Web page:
A bullet that leaves the muzzle of your rifle must immediately do battle with natural forces. First, it is acted on by the force of gravity, which accelerates its fall toward the earth’s surface. Second, it must do battle with the atmosphere whose molecular nature creates a drag that impedes the bullet’s forward progress. The bullet will lose these battles, the battle with gravity first if it does not encounter an obstacle in its path. The drag of the air will slow the bullet and allow gravity to bring it to ground much closer to the muzzle than if the drag did not exist.

There is nothing to be done about gravity, as long as our shooting range is on earth. Galileo showed that all objects, regardless of weight, will be drawn down to ground at the same rate, and Sir Isaac Newton presented the mathematics so that we can calculate forces and accelerations based on masses and the distance between them. No matter what the weight or the velocity, bullets fired parallel to the earth’s surface are going down at the same rate.

The drag of the atmosphere is different. Unlike gravitational force, the drag force depends upon the weight and shape of the bullet. This means that we can have some effect on bullet performance by controlling its weight and shape. Take a look at the three thirty-caliber bullets in the picture. The two round-nosed (RN) bullets are of similar shape but the first weighs 180 grains, the second, 220 grains. The third has a spire point and a boat tail (SPBT) but weighs only 165 grains.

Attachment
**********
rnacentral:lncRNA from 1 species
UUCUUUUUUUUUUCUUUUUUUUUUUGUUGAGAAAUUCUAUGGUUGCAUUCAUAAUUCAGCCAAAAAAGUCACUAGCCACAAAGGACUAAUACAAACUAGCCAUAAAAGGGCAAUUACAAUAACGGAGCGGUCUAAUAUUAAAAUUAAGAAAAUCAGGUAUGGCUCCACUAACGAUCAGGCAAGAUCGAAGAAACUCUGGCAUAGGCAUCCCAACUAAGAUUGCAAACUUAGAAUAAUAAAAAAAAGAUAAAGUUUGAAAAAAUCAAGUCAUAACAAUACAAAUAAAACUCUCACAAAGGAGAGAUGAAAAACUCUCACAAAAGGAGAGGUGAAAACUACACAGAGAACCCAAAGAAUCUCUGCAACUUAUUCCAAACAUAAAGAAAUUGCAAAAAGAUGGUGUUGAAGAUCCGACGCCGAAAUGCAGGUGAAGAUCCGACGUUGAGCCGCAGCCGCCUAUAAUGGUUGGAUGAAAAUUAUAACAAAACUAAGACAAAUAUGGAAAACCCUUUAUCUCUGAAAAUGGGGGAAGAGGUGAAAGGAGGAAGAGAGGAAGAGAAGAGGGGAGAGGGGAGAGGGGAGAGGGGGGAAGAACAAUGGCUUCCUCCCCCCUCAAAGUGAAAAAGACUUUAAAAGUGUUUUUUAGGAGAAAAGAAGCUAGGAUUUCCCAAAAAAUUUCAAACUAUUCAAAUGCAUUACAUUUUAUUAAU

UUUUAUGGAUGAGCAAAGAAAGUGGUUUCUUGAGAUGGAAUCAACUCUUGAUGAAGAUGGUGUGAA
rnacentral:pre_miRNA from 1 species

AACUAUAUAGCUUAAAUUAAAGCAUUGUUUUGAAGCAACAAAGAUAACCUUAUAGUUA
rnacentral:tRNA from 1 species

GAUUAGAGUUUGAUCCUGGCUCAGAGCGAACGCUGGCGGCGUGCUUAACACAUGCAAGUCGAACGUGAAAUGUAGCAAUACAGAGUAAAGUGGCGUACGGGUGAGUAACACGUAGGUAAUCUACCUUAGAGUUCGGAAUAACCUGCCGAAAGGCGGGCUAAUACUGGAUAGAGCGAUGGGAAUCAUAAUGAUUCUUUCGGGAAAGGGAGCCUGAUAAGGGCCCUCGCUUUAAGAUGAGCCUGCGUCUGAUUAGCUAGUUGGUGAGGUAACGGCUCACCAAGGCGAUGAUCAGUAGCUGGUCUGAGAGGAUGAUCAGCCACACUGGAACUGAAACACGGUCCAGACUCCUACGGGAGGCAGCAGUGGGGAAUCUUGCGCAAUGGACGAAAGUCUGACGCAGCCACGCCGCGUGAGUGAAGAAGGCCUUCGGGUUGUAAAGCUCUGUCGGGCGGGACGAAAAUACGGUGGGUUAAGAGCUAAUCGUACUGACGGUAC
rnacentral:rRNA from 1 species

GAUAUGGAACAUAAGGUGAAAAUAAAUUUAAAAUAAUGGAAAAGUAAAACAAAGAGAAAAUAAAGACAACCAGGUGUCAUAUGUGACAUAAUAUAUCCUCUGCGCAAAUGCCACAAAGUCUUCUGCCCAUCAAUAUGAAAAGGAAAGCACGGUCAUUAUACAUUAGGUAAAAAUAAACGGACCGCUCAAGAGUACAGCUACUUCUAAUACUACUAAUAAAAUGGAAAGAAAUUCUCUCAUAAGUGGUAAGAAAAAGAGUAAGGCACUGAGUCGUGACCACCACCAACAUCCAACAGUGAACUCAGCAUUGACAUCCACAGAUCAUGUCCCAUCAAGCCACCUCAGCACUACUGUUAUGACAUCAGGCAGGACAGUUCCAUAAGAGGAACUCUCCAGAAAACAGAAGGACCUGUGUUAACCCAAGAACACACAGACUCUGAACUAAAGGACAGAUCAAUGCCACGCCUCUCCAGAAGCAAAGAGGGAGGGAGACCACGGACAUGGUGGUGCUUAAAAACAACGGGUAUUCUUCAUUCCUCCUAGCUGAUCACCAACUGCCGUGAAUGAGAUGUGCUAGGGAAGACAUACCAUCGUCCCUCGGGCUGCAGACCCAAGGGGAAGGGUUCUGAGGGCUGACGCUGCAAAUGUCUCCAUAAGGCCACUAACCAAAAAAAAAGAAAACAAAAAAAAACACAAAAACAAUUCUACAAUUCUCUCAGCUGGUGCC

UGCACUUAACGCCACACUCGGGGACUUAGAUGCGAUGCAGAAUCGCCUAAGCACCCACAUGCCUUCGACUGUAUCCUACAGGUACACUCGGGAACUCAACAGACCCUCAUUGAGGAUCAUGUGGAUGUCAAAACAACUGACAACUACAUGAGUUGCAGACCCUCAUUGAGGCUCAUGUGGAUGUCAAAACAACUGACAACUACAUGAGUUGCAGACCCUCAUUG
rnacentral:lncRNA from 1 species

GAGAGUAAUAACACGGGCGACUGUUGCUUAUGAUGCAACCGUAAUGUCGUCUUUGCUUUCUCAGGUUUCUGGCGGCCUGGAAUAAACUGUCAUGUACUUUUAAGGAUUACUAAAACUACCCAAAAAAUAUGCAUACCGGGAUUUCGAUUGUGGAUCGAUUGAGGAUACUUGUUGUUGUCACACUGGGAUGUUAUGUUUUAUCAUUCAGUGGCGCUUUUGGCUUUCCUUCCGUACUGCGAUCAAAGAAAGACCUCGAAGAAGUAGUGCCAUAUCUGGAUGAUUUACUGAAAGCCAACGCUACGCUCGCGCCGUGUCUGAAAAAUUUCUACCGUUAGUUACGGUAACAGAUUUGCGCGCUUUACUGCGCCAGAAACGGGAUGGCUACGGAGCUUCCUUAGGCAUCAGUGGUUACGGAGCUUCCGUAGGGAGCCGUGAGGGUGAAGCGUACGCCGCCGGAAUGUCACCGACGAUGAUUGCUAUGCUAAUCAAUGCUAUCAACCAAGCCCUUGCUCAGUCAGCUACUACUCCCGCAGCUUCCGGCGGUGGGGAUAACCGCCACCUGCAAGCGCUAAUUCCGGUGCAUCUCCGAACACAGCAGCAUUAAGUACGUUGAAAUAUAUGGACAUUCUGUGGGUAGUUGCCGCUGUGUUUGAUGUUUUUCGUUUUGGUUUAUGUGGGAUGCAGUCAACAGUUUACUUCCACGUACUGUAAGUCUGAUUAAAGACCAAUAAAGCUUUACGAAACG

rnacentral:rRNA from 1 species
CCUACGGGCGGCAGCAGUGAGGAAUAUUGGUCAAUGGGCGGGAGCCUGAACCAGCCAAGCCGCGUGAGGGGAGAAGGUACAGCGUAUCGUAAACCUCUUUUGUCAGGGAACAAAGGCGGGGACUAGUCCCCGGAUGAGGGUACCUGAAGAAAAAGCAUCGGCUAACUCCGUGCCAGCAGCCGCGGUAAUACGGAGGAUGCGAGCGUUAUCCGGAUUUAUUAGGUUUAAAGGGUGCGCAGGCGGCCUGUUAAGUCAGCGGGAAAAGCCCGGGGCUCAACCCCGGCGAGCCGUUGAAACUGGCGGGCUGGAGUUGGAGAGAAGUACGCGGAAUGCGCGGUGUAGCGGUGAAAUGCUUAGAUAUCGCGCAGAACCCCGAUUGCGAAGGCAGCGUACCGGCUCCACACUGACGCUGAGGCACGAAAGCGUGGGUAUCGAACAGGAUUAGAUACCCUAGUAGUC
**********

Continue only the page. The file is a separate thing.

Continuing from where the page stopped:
Suppose these three bullets are launched at the same velocity, 2500 feet-per-second. They will lose velocity due to atmospheric drag as they travel downrange, and at 300 yards from the muzzle ballistics tables tell me that their velocities will be 1654 fps, 1789 fps, and 1886 fps, respectively. The heavier RN holds its velocity better than the lighter RN, but the SPBT is the winner, in spite of being the lightest of the three. We could say that it is the most efficient bullet of the three in retaining 232 fps more velocity than the 180-gr RN. This leads to a flatter trajectory and less drift in a crosswind.

Comparing only the round-nose bullets, it seems to make sense that the heavier bullet would hold its velocity better and this, in fact, is always found with bullets of similar design. The performance of the lighter SPBT, however, shows that something other than weight is involved and that something is bullet shape. It is obvious that the SPBT bullet is more streamlined and that invites us to suppose that it would have less drag and hold velocity better. A more precise analysis results from consideration of the bullet’s “Ballistic Coefficient,” a descriptive number that takes a bullet’s weight and shape into account and expresses the bullet’s ability to resist atmospheric drag and thereby retain velocity. Most all loading manuals have a discussion of ballistic coefficients and all bullet makers publish the values of the coefficients for the bullets in their line. Velocity loss downrange can then be determined for any commercially available bullet. Loading manuals may thus include tables showing downrange velocity and trajectory data for bullets launched at different initial velocities.